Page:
After hearing concerns about the strapped resources of Ouray County Emergency Medical Services, county commissioners agreed last week to spend money on an additional paramedic.
Commissioners heard frustrations from EMS providers about difficulties recruiting paramedics or volunteers who want to become certified, at their April 23 meeting in a regular update. They also said the department has challenges in retaining volunteers, due to the stressful, demanding commitment.
“It’s not a hobby, really, it’s a life and a profession,” said Chief Paramedic Kim Mitchell, explaining increased demands for certification and training in recent years have made emergency responders more of a professional career investment than a volunteer opportunity.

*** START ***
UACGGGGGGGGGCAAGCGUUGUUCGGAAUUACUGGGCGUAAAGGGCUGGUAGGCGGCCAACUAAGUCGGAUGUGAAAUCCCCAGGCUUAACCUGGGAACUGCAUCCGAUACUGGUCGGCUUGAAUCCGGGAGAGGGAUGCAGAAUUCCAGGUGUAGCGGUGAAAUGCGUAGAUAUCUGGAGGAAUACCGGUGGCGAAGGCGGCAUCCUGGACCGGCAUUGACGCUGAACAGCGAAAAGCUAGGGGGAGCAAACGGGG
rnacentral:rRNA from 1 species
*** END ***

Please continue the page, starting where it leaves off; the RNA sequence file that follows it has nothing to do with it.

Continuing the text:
“It’s a big commitment as a volunteer,” she said. “It’s not like volunteering to do a rummage sale.”
Despite dedicated volunteers who have the heart, passion and training for EMS, the department needs more paid staff to provide regular service, Mitchell said.
“This may be the only time you will hear me say something like this,” said Commissioner Don Batchelder. “Given this situation, I am not necessarily averse to spending out of fund balance.”
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